This profusion of crisis and conflict ... ran the gamut from civil unrest in Sri Lanka, to insurgencies in Central and South America, to civil war in Chad, to direct conflict between states in the Persian Gulf.Sri Lanka is still a problem, as is the area in area of Chad (E. Chad and Darfur). The Persian (Arabian) Gulf - no comment there. As for Central and South America - besides Hugo and Co., who would have guessed that all would have turned out as great as it has. CAFTA, Brazil, Argentina, Chile, et al. On balance - very nice if you ignore Hugo.
The international setting is complicated by the proliferation of modern, high-technology weaponry in the Third World. Certainly the most alarming aspect of this proliferation is the growing numbers of nations in positions to acquire mass annihilation weapons - chemical, biological, and even nuclear. Even in the absence of such weapons, impressive conventional arsenals possessed by Third World nations pose an immediate concern. While these weapons do not fundamentally change the causes of instability, they do change the nature of conflict and the threats we face. Naval forces must be prepared to encounter high-technology, combined-arms threats in virtually every ocean of the world.That was written 21 years ago. No Neocons. GWB was still drinking. It was, it is, it will be true and needs to be part of any Maritime Strategy.
The rise of state-sponsored terrorism is a new and disturbing phenomenon. Its unpredictability, worldwide scope, and anonymity render it one of the most insidious threats we face today. Terrorism is not new, but the threat has increased because terrorism has, in some cases, become a preferred arm of state action. If not countered, it can be effective against targeted forwarded-deployed forces. By placing at risk forward-deployed forces, terrorists (and their state sponsors) hope to be abli to intimidate us into withdrawing, thereby undermining our credibility.
Our economy and security require oil from the Persian Gulf and Caribbean, and strategic minerals from southern Africa. Our trade with nations of the Pacific Basin now surpasses that with Europe. Obviously, we have vital stakes in what happens in these and other key areas.Even more true now. Read it again, don't you enjoy the clear, precise, honest description why we need a strong Navy? Nothing fuzzy here - we exist to support the taxpayer's jobs. Their taxes pay for it - they bought it we deliver it. Very clear. Not selfish - honest, and true.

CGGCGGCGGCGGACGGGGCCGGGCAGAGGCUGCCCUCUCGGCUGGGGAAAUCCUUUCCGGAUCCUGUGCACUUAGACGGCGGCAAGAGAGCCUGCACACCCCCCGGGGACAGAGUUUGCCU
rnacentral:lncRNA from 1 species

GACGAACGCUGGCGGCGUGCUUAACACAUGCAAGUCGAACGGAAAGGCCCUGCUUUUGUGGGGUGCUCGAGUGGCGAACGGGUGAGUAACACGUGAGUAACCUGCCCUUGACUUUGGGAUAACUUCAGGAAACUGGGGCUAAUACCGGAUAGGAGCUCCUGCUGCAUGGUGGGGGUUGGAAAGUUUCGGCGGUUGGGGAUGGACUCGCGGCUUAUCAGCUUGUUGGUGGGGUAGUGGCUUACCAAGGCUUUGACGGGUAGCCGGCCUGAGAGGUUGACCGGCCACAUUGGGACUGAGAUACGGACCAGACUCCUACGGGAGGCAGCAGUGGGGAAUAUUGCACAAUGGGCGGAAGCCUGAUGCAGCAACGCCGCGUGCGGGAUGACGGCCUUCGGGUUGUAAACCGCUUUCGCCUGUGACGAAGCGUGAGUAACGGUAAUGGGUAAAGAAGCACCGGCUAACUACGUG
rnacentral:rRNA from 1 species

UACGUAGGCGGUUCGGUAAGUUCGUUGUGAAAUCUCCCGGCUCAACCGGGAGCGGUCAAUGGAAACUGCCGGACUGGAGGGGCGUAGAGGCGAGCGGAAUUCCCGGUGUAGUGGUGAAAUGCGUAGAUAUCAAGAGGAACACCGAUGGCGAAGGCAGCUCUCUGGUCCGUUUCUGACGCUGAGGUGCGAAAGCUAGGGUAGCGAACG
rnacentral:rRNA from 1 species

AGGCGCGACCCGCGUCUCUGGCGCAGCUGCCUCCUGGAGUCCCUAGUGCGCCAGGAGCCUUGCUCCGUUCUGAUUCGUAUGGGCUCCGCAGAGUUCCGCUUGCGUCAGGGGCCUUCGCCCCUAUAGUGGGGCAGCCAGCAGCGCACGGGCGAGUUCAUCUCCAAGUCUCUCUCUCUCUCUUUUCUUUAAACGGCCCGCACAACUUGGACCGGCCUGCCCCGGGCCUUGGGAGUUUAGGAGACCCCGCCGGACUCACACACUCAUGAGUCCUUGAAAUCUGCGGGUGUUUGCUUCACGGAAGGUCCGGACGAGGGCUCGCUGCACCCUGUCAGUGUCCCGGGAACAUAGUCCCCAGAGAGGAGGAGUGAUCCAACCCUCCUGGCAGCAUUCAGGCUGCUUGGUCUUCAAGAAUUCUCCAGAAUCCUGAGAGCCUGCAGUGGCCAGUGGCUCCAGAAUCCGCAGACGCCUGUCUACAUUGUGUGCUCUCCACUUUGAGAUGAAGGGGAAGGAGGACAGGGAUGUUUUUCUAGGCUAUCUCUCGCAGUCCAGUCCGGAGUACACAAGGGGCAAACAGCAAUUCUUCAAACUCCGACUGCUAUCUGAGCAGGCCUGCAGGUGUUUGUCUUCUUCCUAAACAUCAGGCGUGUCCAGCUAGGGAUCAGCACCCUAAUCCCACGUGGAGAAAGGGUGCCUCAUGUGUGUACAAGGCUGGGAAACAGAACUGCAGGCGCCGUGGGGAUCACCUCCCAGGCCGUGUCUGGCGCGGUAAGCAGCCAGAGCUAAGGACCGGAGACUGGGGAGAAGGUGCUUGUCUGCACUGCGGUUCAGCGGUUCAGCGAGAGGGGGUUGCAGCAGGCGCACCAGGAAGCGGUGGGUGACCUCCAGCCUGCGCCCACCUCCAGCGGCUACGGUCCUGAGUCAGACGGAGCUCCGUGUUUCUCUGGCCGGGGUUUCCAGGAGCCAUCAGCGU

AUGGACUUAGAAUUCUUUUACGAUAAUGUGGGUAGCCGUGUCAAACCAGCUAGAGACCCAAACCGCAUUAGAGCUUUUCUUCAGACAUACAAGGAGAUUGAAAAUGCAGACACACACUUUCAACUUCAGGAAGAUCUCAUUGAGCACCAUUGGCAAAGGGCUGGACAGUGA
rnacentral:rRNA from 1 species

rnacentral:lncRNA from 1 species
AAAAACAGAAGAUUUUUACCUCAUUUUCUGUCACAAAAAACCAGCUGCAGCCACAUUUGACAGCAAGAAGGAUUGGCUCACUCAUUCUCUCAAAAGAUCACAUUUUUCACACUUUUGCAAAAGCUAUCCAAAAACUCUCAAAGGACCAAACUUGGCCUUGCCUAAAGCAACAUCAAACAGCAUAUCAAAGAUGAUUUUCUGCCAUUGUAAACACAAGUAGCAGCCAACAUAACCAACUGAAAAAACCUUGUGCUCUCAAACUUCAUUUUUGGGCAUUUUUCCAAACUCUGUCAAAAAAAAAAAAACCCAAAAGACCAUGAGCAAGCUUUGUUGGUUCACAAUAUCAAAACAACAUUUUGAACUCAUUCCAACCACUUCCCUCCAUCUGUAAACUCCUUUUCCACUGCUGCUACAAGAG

I like this next paragraph because it should be posted on the wall of every Intel Weenie's briefing room to keep them humble - and to remind everyone that they cannot see the future with precision.
As the challenges to peace and stability increase, so do the Soviets' capabilities for global military reach. Their military airlift and sealift have grown significantly. The Soviet Navy, wit a large deck aircraft carrier under construction, is increasingly capable of sustained distant operations. In addition, the Soviets continue to expand and improve their attack submarine force, making it a formidable global threat. They also have enhanced their access to air and naval facilities in key strategic locations, including Ethiopia, South Yemen, Cuba, and Vietnam.Oops. Then again, wasn't 1986 the year the Soviets had a Surface Action Group (I think it had a Kiev Class in it, I could be wrong) cruise through the Gulf of Mexico? (Editorial Note: I have tired of playing a YN3 - so for now on I am just going to paste pictures of the text.)
This sounds so good, but what happened? How did we get lost to the point we are heading to a 200- ship Navy after planning for ~313 or so for the last half decade? Where is the accountability? Where is the focus? Where is the fix before we lose all the human capital at our few remaining ship yards? Where?
The new Maritime Strategy is due out soon. We may have to break out three week plan to talk about it should it become available before the end of the month. Let's see.
What will be interesting is if it will avoid the B-school Bu11sh1t Bingo and buzzword of the week that infects so much Navy writing today. Did you enjoy, I certainly did, the relatively clear language of the 1986 document? On balance, clear, direct, and relatively balanced in tone and language usage. I hope we can avoid 1,001 uses of "Transform(ation)(ational)" and other substitutes for clear thought.
So, that is my broad brush of The Maritime Strategy 1986; what do you think?